Somali leaders have signed a reconciliation agreement negotiated during the government's recent national peace conference.
The agreement signed in the Saudi city of Jeddah late Sunday encompasses some of Somalia's many rival factions but not the Islamic court leaders who oppose the government and boycotted the conference.
Saudi King Abdullah, who oversaw the signing, expressed hope the agreement would promote peace in Somalia.
In a speech, Somali President Abdullahi Yusuf called for the deployment of Arab and African forces under U.N. command to restore peace and security to his country.
Somalia has not had a stable central government in 16 years, and the capital, Mogadishu, has been plagued by violence on an almost daily basis since January.
The fighting between pro-government forces and Islamist-led insurgents has killed thousands of people and forced more than 100,000 others to flee the capital.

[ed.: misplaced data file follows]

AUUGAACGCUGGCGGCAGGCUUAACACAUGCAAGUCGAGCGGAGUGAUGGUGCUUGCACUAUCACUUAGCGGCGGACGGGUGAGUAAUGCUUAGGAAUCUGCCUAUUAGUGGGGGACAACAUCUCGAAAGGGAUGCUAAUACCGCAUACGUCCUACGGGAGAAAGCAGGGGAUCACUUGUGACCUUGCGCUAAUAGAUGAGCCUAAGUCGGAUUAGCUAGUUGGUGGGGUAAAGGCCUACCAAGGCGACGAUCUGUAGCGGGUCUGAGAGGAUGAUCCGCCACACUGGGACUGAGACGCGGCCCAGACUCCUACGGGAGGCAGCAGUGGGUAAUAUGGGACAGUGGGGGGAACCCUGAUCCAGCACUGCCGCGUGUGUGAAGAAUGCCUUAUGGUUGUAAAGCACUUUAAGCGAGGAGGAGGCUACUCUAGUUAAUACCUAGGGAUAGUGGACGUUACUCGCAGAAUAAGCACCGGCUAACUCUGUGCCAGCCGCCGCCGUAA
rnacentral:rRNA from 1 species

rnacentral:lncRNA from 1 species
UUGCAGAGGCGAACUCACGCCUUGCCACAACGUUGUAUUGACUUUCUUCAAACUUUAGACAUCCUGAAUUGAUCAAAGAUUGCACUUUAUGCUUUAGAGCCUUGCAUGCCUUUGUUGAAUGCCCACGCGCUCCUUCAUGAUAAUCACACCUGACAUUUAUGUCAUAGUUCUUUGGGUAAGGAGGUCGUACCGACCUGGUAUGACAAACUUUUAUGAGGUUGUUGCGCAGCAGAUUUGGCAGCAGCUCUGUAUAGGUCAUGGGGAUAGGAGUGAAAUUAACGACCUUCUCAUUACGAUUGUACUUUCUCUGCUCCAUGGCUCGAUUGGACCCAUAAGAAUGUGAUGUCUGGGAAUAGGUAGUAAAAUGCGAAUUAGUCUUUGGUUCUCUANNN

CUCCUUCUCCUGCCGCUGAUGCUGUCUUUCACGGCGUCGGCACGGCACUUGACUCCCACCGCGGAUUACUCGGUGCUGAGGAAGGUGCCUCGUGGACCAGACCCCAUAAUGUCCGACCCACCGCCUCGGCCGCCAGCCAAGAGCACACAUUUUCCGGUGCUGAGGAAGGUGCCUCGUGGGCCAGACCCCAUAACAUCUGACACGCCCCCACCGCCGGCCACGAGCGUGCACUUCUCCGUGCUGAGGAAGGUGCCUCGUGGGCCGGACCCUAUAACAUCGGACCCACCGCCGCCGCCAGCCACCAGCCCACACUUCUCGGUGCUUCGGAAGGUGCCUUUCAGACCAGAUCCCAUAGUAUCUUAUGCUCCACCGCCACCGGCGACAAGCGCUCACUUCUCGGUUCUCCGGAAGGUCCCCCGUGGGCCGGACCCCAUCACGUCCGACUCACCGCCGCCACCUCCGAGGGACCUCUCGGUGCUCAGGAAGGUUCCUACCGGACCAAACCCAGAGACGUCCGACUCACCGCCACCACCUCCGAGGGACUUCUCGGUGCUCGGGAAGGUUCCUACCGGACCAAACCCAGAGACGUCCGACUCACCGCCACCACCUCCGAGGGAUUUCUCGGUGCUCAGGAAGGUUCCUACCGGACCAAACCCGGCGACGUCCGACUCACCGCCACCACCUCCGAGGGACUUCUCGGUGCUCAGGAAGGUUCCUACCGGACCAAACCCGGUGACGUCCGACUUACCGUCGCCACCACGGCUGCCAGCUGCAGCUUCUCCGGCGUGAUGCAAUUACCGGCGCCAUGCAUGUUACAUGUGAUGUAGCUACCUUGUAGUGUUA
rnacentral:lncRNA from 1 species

The government's six-week national reconciliation conference in July and August failed to stop the violence or produce any major advance toward peace in the Horn of Africa country.
A conference of opposition leaders who met in Eritrea this month formed an alliance against the Ethiopian forces that are in Somalia backing the government.
An Islamist movement controlled Mogadishu and other Somali cities for several months last year before being ousted in a joint Ethiopian-Somali government offensive.
Some information for this report was provided by AP.